“Did you hear the question?” He shifted the book to his other hand, then lifted his glasses off his head and put them on while flipping a few pages with his fingers. “I asked you about the symbolism of the mermaids in Eliot's 'The Love Song of J. Alfred Prufrock.'”
“Oh,” I said, looking down at my own book, which was closed, and frantically flipping through the pages, the words blurring. “I, um, think”
“Page one-?eighty-?four,” Richard Spellman, class president, whispered from behind me. “Bottom of the page.”
“Right,” I said, One-?fifty, one-?sixty-?two, one-?seventy-?four. Where the hell was it? “Um, the mermaids. Well” A few rows back, someone snickered. Then coughed. Mr. Lensing took his glasses off again. “Can anyone help us out here?” he asked, a tired look on his face. “Yes. Richard.”
“The mermaids represent what is ultimately unattainable by the speaker,” Richard said, and the same person in back snickered again, at him. “When he says they won't sing to him, he's talking about his separateness from the rest of the world, the kind of dream-?state he is in, all by himself. He says he's underwater, with these mermaids who both accept and reject him. But it is the human elementthe real worldthat ultimately does him in, as is seen in the last line.” I had finally located the right page, my eyes quickly scanning the very end of the poem: Till human voices wake us, and we drown. “Very good,” Mr. Lensing said, clapping his book shut just as the bell rang. “Read and be ready to discussThe Waste Land tomorrow, people. And don't forget, papers are due in one week!” Everyone was talking now, books closing, backpacks zipping up, the sound of voices and shuffling in the hallway coming in through the open door. I shut my notebook and stood up, looking out the window at the parking lot and the gray, February sky above it. “Caitlin.” I looked up. Mr. Lensing, now behind his desk, was watching me. “Yes?”
“Wake up,” he said. “Okay?” I nodded. “Yeah, sure. Okay.”
I walked out into the hallway, past the lockers and into the girls' bathroom, which was thick with the smell of cigarettes and hairspray. A group of girls were crowded by the mirrors, checking lipstick and gossiping, but I pushed past them and went into a stall, locking it behind me. “My point is,” one of the girls by the sinks was saying, “I just can't even think about the prom yet.” There was a hiss of hairspray, and then someone else said, “I heard Becca Plaser already bought her dress, in New York. It cost, like, five hundred dollars or something.”
“Oh, please,” the first girl said. “It doesn't matter if you spend a million on your dress if you can't get a date.” I sat down on the toilet, then reached over with my right hand to carefully roll up my left sleeve. And midway up my forearm, I could see the bluish-?black edge of the bruise coming into view. “Well,” another girl said, “all that matters is that we will be beach-?bound the night of the prom. It's gonna be so cool!”
“So your parents said yes?”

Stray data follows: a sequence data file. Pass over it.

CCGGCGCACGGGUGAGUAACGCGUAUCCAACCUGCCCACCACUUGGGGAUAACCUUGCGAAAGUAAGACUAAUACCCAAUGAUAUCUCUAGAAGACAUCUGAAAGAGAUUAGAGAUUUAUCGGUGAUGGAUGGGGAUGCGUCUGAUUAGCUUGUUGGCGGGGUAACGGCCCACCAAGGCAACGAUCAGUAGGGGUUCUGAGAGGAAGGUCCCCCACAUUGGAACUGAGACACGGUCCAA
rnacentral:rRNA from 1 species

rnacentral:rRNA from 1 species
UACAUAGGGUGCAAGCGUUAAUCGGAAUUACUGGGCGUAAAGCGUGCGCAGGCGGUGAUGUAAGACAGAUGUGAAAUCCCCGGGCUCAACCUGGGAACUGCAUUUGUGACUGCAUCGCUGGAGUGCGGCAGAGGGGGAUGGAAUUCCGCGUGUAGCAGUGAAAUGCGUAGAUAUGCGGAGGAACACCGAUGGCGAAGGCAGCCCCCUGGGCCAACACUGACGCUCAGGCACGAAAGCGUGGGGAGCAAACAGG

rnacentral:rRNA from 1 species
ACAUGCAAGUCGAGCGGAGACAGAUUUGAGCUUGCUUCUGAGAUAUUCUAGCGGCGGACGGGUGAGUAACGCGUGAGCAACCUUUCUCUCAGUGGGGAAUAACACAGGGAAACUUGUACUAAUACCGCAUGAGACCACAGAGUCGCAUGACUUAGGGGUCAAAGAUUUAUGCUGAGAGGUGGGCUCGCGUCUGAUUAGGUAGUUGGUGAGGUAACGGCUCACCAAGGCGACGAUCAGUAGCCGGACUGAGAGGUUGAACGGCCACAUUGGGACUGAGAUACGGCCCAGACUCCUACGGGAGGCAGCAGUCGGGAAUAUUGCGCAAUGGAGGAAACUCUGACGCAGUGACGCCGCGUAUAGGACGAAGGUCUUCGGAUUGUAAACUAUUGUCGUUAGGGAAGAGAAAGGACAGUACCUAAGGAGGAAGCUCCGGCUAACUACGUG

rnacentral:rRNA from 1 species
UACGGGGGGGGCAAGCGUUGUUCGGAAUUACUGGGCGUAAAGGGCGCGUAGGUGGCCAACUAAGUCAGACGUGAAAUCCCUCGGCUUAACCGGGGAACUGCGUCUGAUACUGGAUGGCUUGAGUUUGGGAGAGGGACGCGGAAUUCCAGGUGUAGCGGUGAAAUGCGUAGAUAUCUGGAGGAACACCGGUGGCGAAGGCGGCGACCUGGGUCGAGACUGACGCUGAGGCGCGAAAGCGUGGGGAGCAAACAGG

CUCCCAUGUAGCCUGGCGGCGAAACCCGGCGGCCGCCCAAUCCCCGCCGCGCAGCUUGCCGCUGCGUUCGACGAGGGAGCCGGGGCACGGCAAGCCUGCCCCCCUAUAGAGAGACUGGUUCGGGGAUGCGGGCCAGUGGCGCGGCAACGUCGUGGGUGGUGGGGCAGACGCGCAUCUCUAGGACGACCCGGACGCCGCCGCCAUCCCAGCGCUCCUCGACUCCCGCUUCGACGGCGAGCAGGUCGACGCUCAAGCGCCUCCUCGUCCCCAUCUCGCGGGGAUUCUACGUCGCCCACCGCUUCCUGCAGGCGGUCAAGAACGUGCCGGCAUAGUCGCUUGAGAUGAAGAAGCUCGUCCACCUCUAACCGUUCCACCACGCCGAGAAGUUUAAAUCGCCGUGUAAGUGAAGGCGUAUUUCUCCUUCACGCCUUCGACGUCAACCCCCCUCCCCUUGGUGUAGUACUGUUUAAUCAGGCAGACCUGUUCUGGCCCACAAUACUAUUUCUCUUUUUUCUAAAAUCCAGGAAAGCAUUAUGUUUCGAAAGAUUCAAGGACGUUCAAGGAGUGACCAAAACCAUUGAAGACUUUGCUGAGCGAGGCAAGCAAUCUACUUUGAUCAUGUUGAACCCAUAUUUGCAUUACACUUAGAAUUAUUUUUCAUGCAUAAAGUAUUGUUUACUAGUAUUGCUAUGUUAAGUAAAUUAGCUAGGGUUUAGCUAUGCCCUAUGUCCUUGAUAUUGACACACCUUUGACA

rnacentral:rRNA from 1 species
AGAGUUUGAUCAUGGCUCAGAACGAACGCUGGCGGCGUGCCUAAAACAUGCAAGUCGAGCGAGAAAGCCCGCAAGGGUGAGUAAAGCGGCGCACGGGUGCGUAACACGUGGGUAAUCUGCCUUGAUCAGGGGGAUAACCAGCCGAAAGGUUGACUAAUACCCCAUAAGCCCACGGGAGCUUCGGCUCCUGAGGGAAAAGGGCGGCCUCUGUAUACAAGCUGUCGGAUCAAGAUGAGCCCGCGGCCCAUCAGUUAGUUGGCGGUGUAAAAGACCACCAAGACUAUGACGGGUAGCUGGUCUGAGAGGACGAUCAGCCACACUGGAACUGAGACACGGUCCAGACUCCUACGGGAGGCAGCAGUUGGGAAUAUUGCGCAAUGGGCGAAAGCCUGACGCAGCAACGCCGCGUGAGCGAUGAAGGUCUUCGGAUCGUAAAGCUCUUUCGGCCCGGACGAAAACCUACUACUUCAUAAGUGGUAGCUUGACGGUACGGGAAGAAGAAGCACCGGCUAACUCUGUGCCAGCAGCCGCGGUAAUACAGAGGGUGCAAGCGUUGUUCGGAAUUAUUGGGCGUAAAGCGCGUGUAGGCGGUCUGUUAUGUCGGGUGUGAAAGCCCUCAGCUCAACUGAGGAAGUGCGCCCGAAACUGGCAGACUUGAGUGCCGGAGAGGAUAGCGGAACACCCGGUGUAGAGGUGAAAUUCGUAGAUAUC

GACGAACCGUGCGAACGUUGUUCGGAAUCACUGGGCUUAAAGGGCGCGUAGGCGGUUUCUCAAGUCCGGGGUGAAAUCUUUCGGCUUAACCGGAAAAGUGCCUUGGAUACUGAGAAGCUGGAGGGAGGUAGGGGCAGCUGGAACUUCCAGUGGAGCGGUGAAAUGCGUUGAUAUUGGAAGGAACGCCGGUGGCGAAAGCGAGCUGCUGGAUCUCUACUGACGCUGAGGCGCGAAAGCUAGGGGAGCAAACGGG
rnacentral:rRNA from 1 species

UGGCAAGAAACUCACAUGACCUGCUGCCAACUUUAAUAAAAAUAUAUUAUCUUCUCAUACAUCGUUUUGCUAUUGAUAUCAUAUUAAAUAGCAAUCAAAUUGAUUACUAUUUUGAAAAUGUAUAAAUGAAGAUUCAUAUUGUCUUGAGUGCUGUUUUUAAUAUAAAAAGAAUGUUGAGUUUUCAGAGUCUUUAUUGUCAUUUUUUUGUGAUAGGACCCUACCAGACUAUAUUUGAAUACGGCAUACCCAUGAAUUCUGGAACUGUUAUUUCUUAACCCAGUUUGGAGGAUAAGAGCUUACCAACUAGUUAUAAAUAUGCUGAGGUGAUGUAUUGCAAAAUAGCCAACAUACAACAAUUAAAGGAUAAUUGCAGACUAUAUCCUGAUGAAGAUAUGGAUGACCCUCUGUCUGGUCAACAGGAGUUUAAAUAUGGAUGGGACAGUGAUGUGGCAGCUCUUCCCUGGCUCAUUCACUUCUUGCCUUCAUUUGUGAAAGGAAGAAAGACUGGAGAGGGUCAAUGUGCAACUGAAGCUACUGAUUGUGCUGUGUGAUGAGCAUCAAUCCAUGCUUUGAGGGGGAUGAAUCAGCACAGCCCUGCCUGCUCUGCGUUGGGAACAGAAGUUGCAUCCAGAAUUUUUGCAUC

“Yep. I mean, I was subjected to the whole Trust Talk and all that. But we are in, for sure. No worries.” I kept rolling up my sleeve until I could see the whole bruise. It was turning yellow in the center, less black than the day before. “Yes!” I heard a slapping of palms, then someone laughing. The bell announcing the next period rang, ear-?splittingly loud in the small space. I touched the center of the bruise with my finger, smoothing my fingers over its width. It still hurt, but the swelling was down. I sat there, listening as the girls left, then ducked my head to check for feet under the other stalls. Nobody. I was alone. I rolled down my sleeve, pulling it tight to the edge of my wrist. As if by silent agreement, since the night I'd told my parents how I had “slipped on the ice,” Rogerson had taken to only hitting me where I could cover it: arms, legs, shoulders. I wore only long-?sleeved shirts, big sweaters, and turtlenecks, but at least now my face was off-?limits. After that night it was okay for a little while. He seemed sorry although he never said so out loudbut I could tell. It was in the way he kept his hand on my knee, or placed his fingers in the small of my back, always keeping me close. In the Cokes and candy bars he bought me without being asked, CDs or magazines I liked dropped like offerings in my lap, surprising me. And most of all it was in the way he kissed me, his lips on my neck, or trailing down across my collarbone, as if I was beautiful or even sacred. On Christmas Eve, I went to the pool house, where Rogerson cooked me dinner. Afterward, he slid a box across the table to me: it was white, and long, tied with a red bow. Inside was a silver necklace made up of tiny, interlocking squares, so shiny it glittered as he lifted up my hair to do the clasp. I thought then, as I had so many times before, how impossible it seemed that he could ever have hurt me. That night, I slept with him for the first time. And it hurt, too, but in a different way, one I'd been expecting. And the pain didn't linger, easily overshadowed by how good it felt to lie in his arms afterward, my head on his chest. I could see my necklace shining in the moonlight that was slanting through the window, and made a wish on it that things would be better now. Each time we had sex from then on, I told myself that this was the closest you could get to another person. So close their breaths become your own. So I gave him all of me, believing I could trust him. Then, on New Year's Eve, I talked too much to a guy at a party while Rogerson did business in another room. Outside he yanked me by my hair and pushed me against a wall, where I'd clocked the back of my head against a planter, making it bleed. I saw in the New Year at Corinna's, stoned, with a warm washcloth pressed against my headRogerson explained how I'd been tipsy, too much beerwhile everyone counted down and clinked champagne glasses. Corinna gave Dave a long, sloppy kiss and said, “This is our year, baby.”